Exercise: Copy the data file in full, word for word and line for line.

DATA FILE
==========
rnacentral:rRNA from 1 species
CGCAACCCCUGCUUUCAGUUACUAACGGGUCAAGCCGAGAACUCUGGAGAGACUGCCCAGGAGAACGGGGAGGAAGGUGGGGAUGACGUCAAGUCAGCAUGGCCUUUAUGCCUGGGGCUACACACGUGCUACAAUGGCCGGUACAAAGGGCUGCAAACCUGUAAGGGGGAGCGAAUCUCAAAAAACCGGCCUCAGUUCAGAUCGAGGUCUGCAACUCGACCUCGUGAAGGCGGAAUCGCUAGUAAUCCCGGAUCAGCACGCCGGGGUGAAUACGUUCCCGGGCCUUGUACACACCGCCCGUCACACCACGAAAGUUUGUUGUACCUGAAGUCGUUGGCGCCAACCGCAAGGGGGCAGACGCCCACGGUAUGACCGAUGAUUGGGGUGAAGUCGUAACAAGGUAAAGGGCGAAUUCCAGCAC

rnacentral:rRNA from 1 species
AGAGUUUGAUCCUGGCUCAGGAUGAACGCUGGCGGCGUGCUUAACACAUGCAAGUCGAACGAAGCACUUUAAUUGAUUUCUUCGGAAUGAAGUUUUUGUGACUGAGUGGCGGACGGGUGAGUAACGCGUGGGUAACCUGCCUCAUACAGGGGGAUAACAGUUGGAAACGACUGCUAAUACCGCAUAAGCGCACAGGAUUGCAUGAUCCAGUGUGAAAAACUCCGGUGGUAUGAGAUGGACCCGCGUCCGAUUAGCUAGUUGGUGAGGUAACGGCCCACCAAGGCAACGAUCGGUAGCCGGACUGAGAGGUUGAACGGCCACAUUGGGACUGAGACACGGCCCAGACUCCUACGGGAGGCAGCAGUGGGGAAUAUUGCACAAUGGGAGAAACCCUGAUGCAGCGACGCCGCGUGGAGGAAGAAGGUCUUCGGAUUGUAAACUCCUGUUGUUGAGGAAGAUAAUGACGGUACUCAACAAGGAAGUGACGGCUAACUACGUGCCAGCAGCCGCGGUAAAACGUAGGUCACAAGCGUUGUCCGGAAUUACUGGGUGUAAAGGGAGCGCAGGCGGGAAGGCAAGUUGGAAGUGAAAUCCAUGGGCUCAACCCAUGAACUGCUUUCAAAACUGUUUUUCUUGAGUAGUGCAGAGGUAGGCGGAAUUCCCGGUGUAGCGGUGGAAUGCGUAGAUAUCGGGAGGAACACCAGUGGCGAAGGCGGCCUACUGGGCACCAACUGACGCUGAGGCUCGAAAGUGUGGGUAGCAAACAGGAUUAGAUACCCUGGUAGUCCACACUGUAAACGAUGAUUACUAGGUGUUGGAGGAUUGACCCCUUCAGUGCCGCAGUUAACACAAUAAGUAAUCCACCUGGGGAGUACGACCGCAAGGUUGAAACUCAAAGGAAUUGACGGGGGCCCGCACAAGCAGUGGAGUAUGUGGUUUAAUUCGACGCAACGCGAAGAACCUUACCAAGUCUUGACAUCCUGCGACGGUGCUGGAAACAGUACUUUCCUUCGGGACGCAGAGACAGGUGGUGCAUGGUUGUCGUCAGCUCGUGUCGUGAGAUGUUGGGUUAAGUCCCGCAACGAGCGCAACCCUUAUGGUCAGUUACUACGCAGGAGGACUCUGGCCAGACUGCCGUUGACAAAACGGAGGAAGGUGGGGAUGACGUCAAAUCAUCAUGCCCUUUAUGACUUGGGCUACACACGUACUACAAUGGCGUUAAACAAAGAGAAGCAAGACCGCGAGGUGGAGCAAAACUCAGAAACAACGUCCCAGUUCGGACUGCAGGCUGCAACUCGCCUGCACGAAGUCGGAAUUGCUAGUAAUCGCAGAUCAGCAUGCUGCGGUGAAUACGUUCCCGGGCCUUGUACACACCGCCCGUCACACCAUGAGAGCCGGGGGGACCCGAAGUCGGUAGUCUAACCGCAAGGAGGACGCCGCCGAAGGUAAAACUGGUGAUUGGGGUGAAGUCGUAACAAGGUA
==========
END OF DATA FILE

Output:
rnacentral:rRNA from 1 species
CGCAACCCCUGCUUUCAGUUACUAACGGGUCAAGCCGAGAACUCUGGAGAGACUGCCCAGGAGAACGGGGAGGAAGGUGGGGAUGACGUCAAGUCAGCAUGGCCUUUAUGCCUGGGGCUACACACGUGCUACAAUGGCCGGUACAAAGGGCUGCAAACCUGUAAGGGGGAGCGAAUCUCAAAAAACCGGCCUCAGUUCAGAUCGAGGUCUGCAACUCGACCUCGUGAAGGCGGAAUCGCUAGUAAUCCCGGAUCAGCACGCCGGGGUGAAUACGUUCCCGGGCCUUGUACACACCGCCCGUCACACCACGAAAGUUUGUUGUACCUGAAGUCGUUGGCGCCAACCGCAAGGGGGCAGACGCCCACGGUAUGACCGAUGAUUGGGGUGAAGUCGUAACAAGGUAAAGGGCGAAUUCCAGCAC

rnacentral:rRNA from 1 species
AGAGUUUGAUCCUGGCUCAGGAUGAACGCUGGCGGCGUGCUUAACACAUGCAAGUCGAACGAAGCACUUUAAUUGAUUUCUUCGGAAUGAAGUUUUUGUGACUGAGUGGCGGACGGGUGAGUAACGCGUGGGUAACCUGCCUCAUACAGGGGGAUAACAGUUGGAAACGACUGCUAAUACCGCAUAAGCGCACAGGAUUGCAUGAUCCAGUGUGAAAAACUCCGGUGGUAUGAGAUGGACCCGCGUCCGAUUAGCUAGUUGGUGAGGUAACGGCCCACCAAGGCAACGAUCGGUAGCCGGACUGAGAGGUUGAACGGCCACAUUGGGACUGAGACACGGCCCAGACUCCUACGGGAGGCAGCAGUGGGGAAUAUUGCACAAUGGGAGAAACCCUGAUGCAGCGACGCCGCGUGGAGGAAGAAGGUCUUCGGAUUGUAAACUCCUGUUGUUGAGGAAGAUAAUGACGGUACUCAACAAGGAAGUGACGGCUAACUACGUGCCAGCAGCCGCGGUAAAACGUAGGUCACAAGCGUUGUCCGGAAUUACUGGGUGUAAAGGGAGCGCAGGCGGGAAGGCAAGUUGGAAGUGAAAUCCAUGGGCUCAACCCAUGAACUGCUUUCAAAACUGUUUUUCUUGAGUAGUGCAGAGGUAGGCGGAAUUCCCGGUGUAGCGGUGGAAUGCGUAGAUAUCGGGAGGAACACCAGUGGCGAAGGCGGCCUACUGGGCACCAACUGACGCUGAGGCUCGAAAGUGUGGGUAGCAAACAGGAUUAGAUACCCUGGUAGUCCACACUGUAAACGAUGAUUACUAGGUGUUGGAGGAUUGACCCCUUCAGUGCCGCAGUUAACACAAUAAGUAAUCCACCUGGGGAGUACGACCGCAAGGUUGAAACUCAAAGGAAUUGACGGGGGCCCGCACAAGCAGUGGAGUAUGUGGUUUAAUUCGACGCAACGCGAAGAACCUUACCAAGUCUUGACAUCCUGCGACGGUGCUGGAAACAGUACUUUCCUUCGGGACGCAGAGACAGGUGGUGCAUGGUUGUCGUCAGCUCGUGUCGUGAGAUGUUGGGUUAAGUCCCGCAACGAGCGCAACCCUUAUGGUCAGUUACUACGCAGGAGGACUCUGGCCAGACUGCCGUUGACAAAACGGAGGAAGGUGGGGAUGACGUCAAAUCAUCAUGCCCUUUAUGACUUGGGCUACACACGUACUACAAUGGCGUUAAACAAAGAGAAGCAAGACCGCGAGGUGGAGCAAAACUCAGAAACAACGUCCCAGUUCGGACUGCAGGCUGCAACUCGCCUGCACGAAGUCGGAAUUGCUAGUAAUCGCAGAUCAGCAUGCUGCGGUGAAUACGUUCCCGGGCCUUGUACACACCGCCCGUCACACCAUGAGAGCCGGGGGGACCCGAAGUCGGUAGUCUAACCGCAAGGAGGACGCCGCCGAAGGUAAAACUGGUGAUUGGGGUGAAGUCGUAACAAGGUA